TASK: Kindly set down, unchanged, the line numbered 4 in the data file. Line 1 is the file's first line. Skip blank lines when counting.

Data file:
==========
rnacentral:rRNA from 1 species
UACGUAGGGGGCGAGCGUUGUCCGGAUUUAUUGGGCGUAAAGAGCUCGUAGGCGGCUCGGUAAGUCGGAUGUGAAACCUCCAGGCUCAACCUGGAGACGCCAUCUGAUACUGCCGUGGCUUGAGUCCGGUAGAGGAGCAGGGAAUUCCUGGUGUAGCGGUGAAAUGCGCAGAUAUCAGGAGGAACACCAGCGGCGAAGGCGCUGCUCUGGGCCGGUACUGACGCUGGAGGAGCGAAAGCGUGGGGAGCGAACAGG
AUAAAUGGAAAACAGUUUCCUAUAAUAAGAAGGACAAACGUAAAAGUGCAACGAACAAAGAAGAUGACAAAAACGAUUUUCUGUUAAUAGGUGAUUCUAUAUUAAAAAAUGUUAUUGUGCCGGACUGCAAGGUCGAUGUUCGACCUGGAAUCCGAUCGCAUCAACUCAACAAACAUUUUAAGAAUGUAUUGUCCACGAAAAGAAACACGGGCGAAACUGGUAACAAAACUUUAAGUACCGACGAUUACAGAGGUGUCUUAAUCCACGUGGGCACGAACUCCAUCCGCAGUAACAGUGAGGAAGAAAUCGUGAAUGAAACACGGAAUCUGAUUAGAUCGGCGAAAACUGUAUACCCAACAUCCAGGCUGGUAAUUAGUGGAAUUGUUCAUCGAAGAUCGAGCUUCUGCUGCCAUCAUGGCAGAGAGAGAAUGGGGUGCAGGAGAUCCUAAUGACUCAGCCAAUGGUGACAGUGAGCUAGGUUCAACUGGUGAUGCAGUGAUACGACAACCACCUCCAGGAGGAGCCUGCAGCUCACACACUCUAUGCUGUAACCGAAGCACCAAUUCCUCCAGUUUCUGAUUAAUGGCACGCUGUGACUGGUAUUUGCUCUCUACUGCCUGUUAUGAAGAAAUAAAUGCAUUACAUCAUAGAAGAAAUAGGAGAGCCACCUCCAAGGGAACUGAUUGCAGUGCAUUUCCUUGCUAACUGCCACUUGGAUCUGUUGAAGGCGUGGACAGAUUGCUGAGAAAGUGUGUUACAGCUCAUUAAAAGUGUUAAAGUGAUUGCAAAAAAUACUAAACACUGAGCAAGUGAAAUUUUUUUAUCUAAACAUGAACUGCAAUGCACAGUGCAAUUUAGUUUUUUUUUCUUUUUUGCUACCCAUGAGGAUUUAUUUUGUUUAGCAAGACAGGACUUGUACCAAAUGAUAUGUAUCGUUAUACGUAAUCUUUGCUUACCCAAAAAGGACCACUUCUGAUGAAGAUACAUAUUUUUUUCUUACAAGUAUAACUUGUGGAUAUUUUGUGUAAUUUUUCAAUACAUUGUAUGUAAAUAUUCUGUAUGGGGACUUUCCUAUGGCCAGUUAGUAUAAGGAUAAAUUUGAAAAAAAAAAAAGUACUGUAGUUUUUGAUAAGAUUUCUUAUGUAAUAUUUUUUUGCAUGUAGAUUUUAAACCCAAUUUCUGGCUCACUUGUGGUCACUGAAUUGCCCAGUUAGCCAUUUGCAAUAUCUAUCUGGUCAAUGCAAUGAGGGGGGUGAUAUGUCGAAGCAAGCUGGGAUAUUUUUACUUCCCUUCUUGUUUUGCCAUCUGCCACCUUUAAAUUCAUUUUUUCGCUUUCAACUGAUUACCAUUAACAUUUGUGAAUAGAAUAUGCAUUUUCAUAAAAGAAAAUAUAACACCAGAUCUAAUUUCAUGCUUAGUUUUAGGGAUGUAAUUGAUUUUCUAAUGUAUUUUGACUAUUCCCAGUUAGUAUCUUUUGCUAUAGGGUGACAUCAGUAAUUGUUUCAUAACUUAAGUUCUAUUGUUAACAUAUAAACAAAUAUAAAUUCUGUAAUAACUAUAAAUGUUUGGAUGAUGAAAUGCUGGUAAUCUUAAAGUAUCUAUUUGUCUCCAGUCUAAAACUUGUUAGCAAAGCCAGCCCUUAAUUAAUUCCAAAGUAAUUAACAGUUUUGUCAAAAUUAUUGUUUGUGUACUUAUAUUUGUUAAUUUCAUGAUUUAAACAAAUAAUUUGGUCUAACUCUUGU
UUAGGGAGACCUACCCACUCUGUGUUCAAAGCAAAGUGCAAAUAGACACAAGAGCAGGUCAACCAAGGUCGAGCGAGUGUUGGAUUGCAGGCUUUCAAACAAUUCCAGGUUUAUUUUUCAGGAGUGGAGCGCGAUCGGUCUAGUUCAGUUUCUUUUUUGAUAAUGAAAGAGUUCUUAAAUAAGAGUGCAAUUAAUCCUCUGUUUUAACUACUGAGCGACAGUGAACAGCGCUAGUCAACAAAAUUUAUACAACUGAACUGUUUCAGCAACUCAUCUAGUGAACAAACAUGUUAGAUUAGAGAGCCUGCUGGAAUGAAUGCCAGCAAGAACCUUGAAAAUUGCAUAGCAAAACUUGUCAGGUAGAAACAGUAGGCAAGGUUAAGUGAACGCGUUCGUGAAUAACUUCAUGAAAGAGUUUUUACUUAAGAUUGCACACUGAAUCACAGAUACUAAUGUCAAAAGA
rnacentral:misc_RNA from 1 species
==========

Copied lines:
UUAGGGAGACCUACCCACUCUGUGUUCAAAGCAAAGUGCAAAUAGACACAAGAGCAGGUCAACCAAGGUCGAGCGAGUGUUGGAUUGCAGGCUUUCAAACAAUUCCAGGUUUAUUUUUCAGGAGUGGAGCGCGAUCGGUCUAGUUCAGUUUCUUUUUUGAUAAUGAAAGAGUUCUUAAAUAAGAGUGCAAUUAAUCCUCUGUUUUAACUACUGAGCGACAGUGAACAGCGCUAGUCAACAAAAUUUAUACAACUGAACUGUUUCAGCAACUCAUCUAGUGAACAAACAUGUUAGAUUAGAGAGCCUGCUGGAAUGAAUGCCAGCAAGAACCUUGAAAAUUGCAUAGCAAAACUUGUCAGGUAGAAACAGUAGGCAAGGUUAAGUGAACGCGUUCGUGAAUAACUUCAUGAAAGAGUUUUUACUUAAGAUUGCACACUGAAUCACAGAUACUAAUGUCAAAAGA